• View of Grand Canyon National Park at sunset from the South Rim

    Grand Canyon

    National Park Arizona

Annular Solar Eclipse Viewing: May 20

Sunday, May 20, 2012: ... A late-afternoon Annular Eclipse of the Sun. . .

NASA scientists, amateur astronomers, and the National Park Service will team up to share their telescopes and knowledge with park visitors... followed by an evening South Rim Star Party.
 
grca_eclipse-poster

Dr. Tyler Nordgren, Univ. of Redlands

Grand Canyon National Park lies in the path of a rare annular eclipse of the sun, late in the afternoon of May 20, 2012.

The western 2/3 of the country will see at least a partial eclipse prior to sunset, but here at Grand Canyon we will see the moon pass fully between us and the sun, leaving only a ring of sun visible around it. (Unfortunately, at this point in its elliptical orbit the moon will be too far away to entirely block our view of the sun, so this will not be a total eclipse.)


Approximate Timing of the eclipse:

o 5:28 p.m.-partial eclipse begins

o 6:34 p.m. - annular eclipse begins

o 6:39 p.m. - annular eclipse ends

o 7:32 p.m. - sun sets while still partially eclipsed


Additional South Rim Activities

Before the eclipse, at 11:00 a.m. - 1:00 p.m. and 3:00 p.m., (South Rim only): NASA scientists will offer a free program about eclipses and the latest NASA research relating to the sun and moon. Seating is limited: free tickets will be available on a first-come, first-served basis starting at 8:00 a.m. on May 20 at the Grand Canyon Visitor Center.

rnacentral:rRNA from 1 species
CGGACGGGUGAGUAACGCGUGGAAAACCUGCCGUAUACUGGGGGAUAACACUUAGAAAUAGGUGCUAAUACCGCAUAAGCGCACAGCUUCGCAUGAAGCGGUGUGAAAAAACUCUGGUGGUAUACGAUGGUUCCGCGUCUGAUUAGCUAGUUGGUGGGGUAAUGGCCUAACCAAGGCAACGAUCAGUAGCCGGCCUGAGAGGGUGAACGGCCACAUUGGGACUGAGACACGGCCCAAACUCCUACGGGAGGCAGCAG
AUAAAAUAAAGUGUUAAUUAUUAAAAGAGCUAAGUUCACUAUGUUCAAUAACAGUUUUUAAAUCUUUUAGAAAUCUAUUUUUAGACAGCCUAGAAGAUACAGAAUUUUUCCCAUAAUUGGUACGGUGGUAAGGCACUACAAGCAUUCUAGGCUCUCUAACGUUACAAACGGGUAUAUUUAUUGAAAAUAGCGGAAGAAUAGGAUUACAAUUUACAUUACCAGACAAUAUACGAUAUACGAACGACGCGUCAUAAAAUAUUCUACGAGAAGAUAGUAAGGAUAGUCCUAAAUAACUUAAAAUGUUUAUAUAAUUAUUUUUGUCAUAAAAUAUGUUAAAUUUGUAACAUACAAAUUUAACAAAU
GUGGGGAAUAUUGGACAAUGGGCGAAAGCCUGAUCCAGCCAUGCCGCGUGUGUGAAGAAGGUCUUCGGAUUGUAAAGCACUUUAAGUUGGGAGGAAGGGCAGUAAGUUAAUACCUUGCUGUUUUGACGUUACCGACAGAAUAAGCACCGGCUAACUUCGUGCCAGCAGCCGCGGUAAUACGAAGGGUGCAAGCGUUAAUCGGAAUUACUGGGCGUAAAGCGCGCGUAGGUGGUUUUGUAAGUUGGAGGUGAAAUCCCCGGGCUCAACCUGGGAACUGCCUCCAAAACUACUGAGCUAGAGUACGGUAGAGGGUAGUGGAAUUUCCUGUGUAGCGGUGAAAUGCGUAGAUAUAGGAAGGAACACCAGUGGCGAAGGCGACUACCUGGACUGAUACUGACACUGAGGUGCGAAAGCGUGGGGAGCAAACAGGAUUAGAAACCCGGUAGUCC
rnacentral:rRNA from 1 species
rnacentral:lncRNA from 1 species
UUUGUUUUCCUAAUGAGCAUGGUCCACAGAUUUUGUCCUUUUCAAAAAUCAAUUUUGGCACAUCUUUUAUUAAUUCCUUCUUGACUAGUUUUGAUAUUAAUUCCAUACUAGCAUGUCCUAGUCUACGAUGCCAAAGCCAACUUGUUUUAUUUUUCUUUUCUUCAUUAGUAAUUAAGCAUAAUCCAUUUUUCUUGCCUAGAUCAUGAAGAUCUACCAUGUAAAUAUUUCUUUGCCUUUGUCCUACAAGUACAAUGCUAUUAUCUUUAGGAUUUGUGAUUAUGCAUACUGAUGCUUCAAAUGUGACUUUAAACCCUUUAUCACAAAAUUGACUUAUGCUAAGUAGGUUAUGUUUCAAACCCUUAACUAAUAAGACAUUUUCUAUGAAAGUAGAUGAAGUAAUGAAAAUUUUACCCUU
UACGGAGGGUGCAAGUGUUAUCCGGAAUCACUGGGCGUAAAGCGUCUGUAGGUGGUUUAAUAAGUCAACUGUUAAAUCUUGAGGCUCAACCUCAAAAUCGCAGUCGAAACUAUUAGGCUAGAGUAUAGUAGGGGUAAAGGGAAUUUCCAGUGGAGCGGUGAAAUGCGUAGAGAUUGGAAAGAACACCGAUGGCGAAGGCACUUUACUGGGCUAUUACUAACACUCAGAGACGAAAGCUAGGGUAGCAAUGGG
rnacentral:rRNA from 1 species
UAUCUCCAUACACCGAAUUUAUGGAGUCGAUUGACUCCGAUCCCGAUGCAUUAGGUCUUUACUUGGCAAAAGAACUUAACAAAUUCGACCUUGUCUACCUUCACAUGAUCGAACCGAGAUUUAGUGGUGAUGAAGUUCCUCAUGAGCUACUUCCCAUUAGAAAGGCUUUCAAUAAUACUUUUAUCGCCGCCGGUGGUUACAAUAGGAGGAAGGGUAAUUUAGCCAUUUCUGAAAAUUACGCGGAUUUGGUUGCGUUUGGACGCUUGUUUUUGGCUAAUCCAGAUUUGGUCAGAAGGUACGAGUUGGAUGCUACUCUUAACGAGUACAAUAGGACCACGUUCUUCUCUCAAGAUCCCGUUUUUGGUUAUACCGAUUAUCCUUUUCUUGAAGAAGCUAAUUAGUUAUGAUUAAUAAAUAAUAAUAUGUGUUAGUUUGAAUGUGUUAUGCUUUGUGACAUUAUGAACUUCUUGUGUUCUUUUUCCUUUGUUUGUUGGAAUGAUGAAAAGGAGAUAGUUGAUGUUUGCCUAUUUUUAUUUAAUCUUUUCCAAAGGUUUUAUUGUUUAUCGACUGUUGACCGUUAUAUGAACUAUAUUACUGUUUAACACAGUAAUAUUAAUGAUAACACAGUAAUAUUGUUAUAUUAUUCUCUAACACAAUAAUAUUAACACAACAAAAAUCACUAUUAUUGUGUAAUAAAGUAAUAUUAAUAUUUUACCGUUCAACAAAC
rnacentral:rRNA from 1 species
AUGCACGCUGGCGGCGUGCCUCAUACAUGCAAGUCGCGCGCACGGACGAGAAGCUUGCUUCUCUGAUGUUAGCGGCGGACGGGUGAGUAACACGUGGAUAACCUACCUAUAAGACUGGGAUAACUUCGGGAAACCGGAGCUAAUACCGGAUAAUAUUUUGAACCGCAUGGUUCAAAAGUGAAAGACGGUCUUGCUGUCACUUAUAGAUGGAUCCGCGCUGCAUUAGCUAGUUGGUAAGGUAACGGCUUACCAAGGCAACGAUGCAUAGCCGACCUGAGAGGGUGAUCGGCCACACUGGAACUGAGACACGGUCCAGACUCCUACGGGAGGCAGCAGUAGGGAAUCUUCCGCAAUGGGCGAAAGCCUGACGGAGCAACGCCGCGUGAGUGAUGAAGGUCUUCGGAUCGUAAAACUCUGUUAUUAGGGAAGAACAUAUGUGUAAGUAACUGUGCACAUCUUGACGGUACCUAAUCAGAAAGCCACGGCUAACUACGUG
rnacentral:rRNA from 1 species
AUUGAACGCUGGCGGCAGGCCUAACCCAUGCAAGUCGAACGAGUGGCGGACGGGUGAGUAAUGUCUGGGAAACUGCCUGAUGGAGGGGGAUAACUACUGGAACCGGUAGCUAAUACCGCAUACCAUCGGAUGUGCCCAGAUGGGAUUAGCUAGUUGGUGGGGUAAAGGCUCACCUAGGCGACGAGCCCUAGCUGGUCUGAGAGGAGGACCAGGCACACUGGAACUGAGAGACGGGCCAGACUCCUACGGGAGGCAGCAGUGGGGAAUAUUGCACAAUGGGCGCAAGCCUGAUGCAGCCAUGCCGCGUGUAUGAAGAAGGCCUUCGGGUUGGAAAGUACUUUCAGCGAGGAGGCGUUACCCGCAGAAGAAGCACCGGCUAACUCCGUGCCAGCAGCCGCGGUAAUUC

o 8:45 p.m. until at least 11 p.m. or later: Public Star Party - free telescope viewing of the night sky - behind the Grand Canyon Visitor Center (Village shuttle buses run until 10 p.m.)

 
park volunteer manning telescope

Park volunteer manning telescope

Nancy K. Varga

To view the eclipse with National Park Service rangers:

Check posted signs upon arrival in the park for location of assisted viewing activities.

On the South Rim, amateur astronomers and NASA scientists will share their telescopes with the public both during the eclipse and again after dark for a one-night "Star Party.

On both rims, at posted locations rangers will use pinhole cameras and/or "solar projection" to show additional images of the eclipsed sun, and will have a limited number of eclipse glasses to share.
 

Questions ? Contact us:
South Rim: Park Ranger Marker Marshall
North Rim: Supervisory Park Ranger Robin Tellis

To sign up as an amateur astronomer for this event, coordinated by the Tucson Amateur Astronomy Association Contact Jim O'Connor


 
viewing eclipse - binocular method

Solar projection method.

To view the eclipse on your own:

You can watch the eclipse unfold from any Grand Canyon viewpoint that offers a clear view of the western horizon (since the annular portion of the eclipse occurs within an hour of sunset). Any of the more famous sunset locations will do.

NEVER LOOK DIRECTLY AT THE SUN WITH NAKED EYE OR THROUGH SUNGLASSES, CAMERA VIEWFINDER, OR ANY FORM OF UNFILTERED MAGNIFICATION !